Exhibition opens on Saturday, October 3, 2015
Continues through Thursday, January 21, 2016

INDEPENDENT VISIONS: Women Artists of California 1880-1940, celebrates the work of California's historic women artists.  The independence of California's women artists is demonstrated by the wide variety of artistic styles displayed in the exhibition.  The works vary from classically-inspired portraits and still-lifes to bold Modernist paintings that document the progressive trends of our women painters.

 Far from being limited to a dilettante role, women artists in California were important figures in the late nineteenth and early part of the twentieth century.  They excelled in landscape painting, as well as portrait, figural, and still-life.  Moreover, they set the standard in such diverse media as oil painting, watercolor, and sculpture.

 As one of the founders of the Laguna Beach Art Association in 1917, Anna A. Hills (1882-1930) played a key role in founding the group and later, as its president, in charting the course of this important association.  A popular art teacher, Hills helped guide the careers of numerous artists, most notably George K. Brandriff (1890-1936).

 One of the most popular artists whose works are often displayed at The Irvine Museum is Jessie Arms Botke (1883-1971).  Her elegant and brightly colored paintings stand out for their sheer power to dazzle the eyes of the viewer.  Nationally known as one of the important American Art Deco painters, Botke's works shimmer with color, graceful line and exquisite detail, and are often times covered by large areas of gold leaf as part of the design.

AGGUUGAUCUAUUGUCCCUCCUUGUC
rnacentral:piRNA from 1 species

Among the many works on display, the museum will show the largest painting in the collection, Jessie Arms Botke's Mural for the Oaks Hotel, in Ojai.  Painted in 1953, the mural measures approximately 7 feet high by 26 feet long.  It represents a scene in the Everglades, full of exotic birds and plants, set in a bright field of gold leaf.

 Not all California painters were working in the Academic or Impressionist manner.  Starting about 1914, a group of progressive artists, many of whom were women, began to show works of strong modernist styles.  Among these were Mabel Alvarez (1891-1985), Elanor Colburn (1866-1939), her daughter Ruth Peabody (1893-1966), Elsie Palmer Payne (1884-1971), Donna Schuster (1883-1953) and Henrietta Shore (1880-1963).  Their use of vivid color and bold form is in stark contrast to the realistic appearance of the plein air paintings usually associated with this period.

 The Irvine Museum is located on the Ground Floor of the Airport Tower Building at 18881 Von Karman Avenue, in Irvine.  Museum hours are Tuesday through Saturday, 11 a.m. to 5 p.m.  The museum is always closed on Sundays and Mondays and major holidays.  Admission to the museum is complimentary.  Ample free parking is available in the parking structure located behind the building.

 For 24-hour recorded information and directions to the museum, please call (949) 476-2565.  Visit the website at